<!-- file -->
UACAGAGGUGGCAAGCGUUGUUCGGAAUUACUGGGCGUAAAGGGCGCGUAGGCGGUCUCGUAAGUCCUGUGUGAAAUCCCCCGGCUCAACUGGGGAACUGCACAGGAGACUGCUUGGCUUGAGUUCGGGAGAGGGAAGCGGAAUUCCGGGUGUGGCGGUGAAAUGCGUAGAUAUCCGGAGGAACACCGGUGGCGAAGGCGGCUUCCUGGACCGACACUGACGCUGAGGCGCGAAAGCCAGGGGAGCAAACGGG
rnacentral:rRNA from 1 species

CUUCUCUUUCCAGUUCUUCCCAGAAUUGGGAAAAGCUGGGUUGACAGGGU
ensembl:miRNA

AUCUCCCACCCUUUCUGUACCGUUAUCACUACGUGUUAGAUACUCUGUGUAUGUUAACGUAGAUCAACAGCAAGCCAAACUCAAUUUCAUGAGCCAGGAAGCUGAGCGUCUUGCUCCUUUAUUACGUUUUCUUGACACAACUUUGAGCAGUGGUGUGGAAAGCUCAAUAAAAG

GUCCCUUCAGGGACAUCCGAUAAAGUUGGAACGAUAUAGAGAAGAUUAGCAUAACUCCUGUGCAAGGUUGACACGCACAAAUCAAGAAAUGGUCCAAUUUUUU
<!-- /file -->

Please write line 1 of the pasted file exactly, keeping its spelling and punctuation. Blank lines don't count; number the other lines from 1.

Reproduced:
UACAGAGGUGGCAAGCGUUGUUCGGAAUUACUGGGCGUAAAGGGCGCGUAGGCGGUCUCGUAAGUCCUGUGUGAAAUCCCCCGGCUCAACUGGGGAACUGCACAGGAGACUGCUUGGCUUGAGUUCGGGAGAGGGAAGCGGAAUUCCGGGUGUGGCGGUGAAAUGCGUAGAUAUCCGGAGGAACACCGGUGGCGAAGGCGGCUUCCUGGACCGACACUGACGCUGAGGCGCGAAAGCCAGGGGAGCAAACGGG